Tag Archives: Irving H. Podolsky

Irv’s Odyssey: Seeking the Way Home- Irving H. Podolsky


Disclaimer: I received this book free of charge from the author in return for an honest review.

Irv’s Odyssey: Seeking the Way Home is the third of the Irv’s Odyssey trilogy. Read my reviews of the previous books using the Irving H. Podolsky tag.

Synopsis (from amazon)

Food service and Irving Podolsky are NOT friends. Still, Irv rises to the level of waiter in the Fairmont Hotel. What about his budding film career, making the world a better place and finding a nice Jewish chick? Well, instead, Irv meets an exotic older girl from Germany. Could she be the one, Irv’s forever, but not-Jewish-at-all soul mate? Ben suggests she is. Ben is a drawling spirit voice channeled through a Puerto Rican pothead. And Ben knows all about Irv’s recent nocturnal fly-outs: those uncontrollable out-of-body trips that bring him to the Other Side where he encounters creepy crawlers in attack mode and goes back and forth in time and into his own future. These bizarre events are not dreams or fantasies. They are real. For as Irv finds out, magic and miracles do exist. And so does true love, if he can just convince his parents that it’s okay to marry a shiksa.

Review

This book was somewhat different from the first two and initially I wasn’t really sure about that. It started off with a much stronger spiritual element than the previous two (which had a spiritual element, but where it wasn’t the main bulk of the story). At this point I doubted somewhat if I would enjoy this book. Then Irv met Marianne and it suddenly switched over, rather than Irv’s spiritual life being the focus it became his, not personal life, exactly but his life in reality I suppose. When it was mainly spiritual there was still and element of day-to-day life, and when the focus was on his personal life there was still an element of spirituality but there was never really an equal balance.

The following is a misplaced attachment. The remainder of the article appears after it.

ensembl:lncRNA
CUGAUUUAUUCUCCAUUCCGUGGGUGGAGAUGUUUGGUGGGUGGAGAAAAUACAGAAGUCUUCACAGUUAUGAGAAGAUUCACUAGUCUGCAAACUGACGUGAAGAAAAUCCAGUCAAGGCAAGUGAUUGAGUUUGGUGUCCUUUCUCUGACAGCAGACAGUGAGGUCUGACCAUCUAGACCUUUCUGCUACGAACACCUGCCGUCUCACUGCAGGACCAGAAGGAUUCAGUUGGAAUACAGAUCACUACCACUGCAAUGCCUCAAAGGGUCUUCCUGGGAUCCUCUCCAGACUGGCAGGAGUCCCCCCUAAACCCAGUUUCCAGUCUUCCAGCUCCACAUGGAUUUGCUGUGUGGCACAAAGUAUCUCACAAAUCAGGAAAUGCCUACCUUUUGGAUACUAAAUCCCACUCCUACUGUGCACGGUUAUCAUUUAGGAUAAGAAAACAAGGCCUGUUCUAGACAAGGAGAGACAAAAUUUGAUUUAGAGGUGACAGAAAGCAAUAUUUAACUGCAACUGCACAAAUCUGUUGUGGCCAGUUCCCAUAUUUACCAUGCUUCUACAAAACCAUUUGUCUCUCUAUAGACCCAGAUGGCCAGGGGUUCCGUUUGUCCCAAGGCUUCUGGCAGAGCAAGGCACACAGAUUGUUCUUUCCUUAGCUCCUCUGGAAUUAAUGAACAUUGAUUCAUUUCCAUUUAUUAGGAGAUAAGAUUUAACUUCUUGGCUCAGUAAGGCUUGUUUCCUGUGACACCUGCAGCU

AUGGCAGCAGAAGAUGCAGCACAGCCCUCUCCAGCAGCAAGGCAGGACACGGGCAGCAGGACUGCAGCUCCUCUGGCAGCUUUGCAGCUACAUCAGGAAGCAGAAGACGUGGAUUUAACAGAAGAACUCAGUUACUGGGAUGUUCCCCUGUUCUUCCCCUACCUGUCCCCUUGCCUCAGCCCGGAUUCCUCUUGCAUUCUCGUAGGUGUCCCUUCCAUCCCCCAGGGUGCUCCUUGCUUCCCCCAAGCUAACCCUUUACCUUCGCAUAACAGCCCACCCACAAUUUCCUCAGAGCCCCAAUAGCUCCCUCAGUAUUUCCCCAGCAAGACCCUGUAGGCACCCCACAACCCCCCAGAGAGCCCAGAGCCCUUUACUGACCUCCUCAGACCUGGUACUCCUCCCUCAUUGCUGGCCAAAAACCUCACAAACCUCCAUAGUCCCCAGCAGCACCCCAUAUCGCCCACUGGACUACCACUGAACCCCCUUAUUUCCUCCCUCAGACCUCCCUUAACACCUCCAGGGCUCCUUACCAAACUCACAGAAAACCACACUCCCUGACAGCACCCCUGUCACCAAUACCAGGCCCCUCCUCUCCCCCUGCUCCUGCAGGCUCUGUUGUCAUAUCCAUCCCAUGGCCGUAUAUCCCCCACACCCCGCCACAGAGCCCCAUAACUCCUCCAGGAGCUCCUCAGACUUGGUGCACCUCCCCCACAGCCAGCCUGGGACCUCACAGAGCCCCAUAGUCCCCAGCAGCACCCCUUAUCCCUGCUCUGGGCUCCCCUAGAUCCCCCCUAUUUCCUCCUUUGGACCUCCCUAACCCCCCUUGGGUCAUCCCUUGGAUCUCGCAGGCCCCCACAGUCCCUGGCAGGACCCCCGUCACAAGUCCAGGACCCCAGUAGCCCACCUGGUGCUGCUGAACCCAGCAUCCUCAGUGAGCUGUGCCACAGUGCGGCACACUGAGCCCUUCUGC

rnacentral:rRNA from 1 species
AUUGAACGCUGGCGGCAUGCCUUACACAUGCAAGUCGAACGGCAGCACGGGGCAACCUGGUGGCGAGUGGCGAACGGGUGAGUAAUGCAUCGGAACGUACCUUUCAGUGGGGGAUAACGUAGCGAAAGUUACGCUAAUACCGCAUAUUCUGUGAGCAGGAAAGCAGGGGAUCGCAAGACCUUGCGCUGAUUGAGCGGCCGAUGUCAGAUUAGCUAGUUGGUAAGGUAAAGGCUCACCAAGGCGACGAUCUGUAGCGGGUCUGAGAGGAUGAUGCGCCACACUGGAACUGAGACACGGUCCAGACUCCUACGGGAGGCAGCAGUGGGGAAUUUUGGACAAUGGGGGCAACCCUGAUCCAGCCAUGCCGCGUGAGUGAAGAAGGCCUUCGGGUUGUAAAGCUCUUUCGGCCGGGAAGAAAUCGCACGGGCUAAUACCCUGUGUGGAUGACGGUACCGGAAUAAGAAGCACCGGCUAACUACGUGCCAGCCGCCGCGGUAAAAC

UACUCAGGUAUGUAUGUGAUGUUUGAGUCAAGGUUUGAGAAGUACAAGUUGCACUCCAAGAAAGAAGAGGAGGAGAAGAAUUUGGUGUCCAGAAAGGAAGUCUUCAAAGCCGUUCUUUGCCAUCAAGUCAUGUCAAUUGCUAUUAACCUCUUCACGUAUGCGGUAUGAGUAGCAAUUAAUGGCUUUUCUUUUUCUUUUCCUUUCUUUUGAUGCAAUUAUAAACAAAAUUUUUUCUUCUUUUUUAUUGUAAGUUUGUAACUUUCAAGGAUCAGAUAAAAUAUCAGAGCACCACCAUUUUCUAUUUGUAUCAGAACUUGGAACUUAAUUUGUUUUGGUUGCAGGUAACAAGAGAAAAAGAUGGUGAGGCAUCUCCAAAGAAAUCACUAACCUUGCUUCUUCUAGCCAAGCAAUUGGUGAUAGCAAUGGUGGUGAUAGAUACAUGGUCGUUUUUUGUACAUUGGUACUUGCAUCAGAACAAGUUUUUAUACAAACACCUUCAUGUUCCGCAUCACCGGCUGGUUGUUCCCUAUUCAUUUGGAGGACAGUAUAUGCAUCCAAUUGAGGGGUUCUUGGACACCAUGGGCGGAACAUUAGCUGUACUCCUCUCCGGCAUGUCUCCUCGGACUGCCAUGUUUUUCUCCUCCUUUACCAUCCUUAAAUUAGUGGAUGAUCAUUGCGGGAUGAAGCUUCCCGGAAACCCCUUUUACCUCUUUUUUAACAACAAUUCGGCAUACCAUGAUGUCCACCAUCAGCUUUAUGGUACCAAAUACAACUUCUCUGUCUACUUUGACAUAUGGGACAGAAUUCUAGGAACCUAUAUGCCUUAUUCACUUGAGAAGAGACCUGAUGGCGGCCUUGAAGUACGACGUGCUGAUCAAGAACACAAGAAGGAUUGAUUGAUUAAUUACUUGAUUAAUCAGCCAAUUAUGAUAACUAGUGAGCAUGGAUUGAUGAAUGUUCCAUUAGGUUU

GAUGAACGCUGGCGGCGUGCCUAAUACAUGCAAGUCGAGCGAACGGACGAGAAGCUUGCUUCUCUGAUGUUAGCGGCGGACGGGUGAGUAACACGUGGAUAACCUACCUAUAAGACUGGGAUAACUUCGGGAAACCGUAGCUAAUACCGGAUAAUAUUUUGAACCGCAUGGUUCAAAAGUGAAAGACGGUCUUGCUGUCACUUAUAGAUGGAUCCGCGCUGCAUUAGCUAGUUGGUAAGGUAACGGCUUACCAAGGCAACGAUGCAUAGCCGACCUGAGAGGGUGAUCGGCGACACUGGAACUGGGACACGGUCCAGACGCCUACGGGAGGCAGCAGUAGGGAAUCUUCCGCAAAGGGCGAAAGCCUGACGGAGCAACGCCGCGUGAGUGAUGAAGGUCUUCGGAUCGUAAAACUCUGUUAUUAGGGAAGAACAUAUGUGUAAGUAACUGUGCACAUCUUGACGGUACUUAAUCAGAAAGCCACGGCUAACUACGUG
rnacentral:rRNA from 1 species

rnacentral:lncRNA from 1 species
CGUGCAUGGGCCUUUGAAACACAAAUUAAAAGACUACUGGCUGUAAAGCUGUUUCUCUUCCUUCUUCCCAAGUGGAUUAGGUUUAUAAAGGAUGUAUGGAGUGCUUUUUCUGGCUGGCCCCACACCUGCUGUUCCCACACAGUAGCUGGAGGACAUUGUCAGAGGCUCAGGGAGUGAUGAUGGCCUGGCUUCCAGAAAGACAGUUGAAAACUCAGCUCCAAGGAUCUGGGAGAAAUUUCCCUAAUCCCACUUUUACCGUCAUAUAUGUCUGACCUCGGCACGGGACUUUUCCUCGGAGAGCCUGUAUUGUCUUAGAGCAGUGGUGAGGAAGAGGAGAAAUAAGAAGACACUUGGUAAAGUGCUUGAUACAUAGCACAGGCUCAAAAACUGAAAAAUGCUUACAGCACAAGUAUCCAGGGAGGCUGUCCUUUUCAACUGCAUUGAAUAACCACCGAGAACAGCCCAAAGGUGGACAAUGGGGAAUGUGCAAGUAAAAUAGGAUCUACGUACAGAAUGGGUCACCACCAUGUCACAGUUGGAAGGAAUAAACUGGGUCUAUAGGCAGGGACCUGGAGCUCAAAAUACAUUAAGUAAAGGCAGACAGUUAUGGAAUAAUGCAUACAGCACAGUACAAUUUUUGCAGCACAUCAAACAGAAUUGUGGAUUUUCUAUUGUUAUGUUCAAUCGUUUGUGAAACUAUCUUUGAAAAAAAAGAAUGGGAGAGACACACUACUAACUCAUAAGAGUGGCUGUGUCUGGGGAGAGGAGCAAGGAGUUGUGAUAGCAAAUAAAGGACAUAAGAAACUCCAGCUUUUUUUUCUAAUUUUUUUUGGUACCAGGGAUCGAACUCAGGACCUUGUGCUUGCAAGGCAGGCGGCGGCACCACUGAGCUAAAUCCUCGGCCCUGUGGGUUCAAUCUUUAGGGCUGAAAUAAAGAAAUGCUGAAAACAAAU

Marianne didn’t like elements of Irv’s spiritual life and he agreed to give those elements up. When reading I found this a little contradictory to the plot of a spiritual journey. It was almost as if he had been trying to discover himself then just given up on the whole idea. However after thinking about it I think that actually his giving up elements of his spirituality was a part of finding it. His spirituality had been part of what had led him to where he was, and once he got there he needed to think about how to balance his spiritual and personal lives.

One thing about this book was that Marianne’s habit of not finishing her sentences really grated on me, especially when I wasn’t yet used to it. I did like her as a character but I really thought at one point that I might have to give up just because of it.

I do think this is probably my favourite of the series, but it was the hardest to read.

3/5

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Irv’s Odyssey: To the Light and Beyond- Irving H Podolsky


Disclaimer: I was given this book free of charge by the author in exchange for an honest review.

Synopsis (from Amazon)

Irv’s still employed at the mental hospital, a place where all the people who don’t “fit in” get jobs behind locked doors. It’s a crazy circus and Irv’s life is far from settling down. A free-loading porn stud and con man moves into our lad’s apartment, and the jerk won’t leave! It gets worse. Irv discovers the place where humanity hides it’s most shameful secret. And it’s not in the Buckhead Steak ‘n Brew where Irv becomes a salad boy/dishwasher. And it’s not at the Cloisters Restaurant where Irv get pushed into bussing tables while tripping on acid. And it’s not in Europe where he meets three people who change his life in ways he only read about in Sc-Fi novels and mystical books. Actually that “shameful secret” is no secret at all, yet only Irv wants to know it. Will our friend ever find his way back to Normal? Not yet.

Review.

Irv’s Odyssey: To the Light and Beyond is the second book in the Irv’s Odyssey trilogy. You can read my review of the first book here.

I did prefer the first Irv’s Odyssey book to this one. I can’t really put my finger on why. I think maybe a little less happened, but I also didn’t like Irv so much in this book. He seemed a little self-centred in this one, especially towards the end. He makes a big thing of having morals, and debates things with himself but doesn’t really seem to listen to his own debates!v He was more decisive in this book however, it’s almost as if he has gone in the opposite direction, rather than debating with little action he is focusing on the action.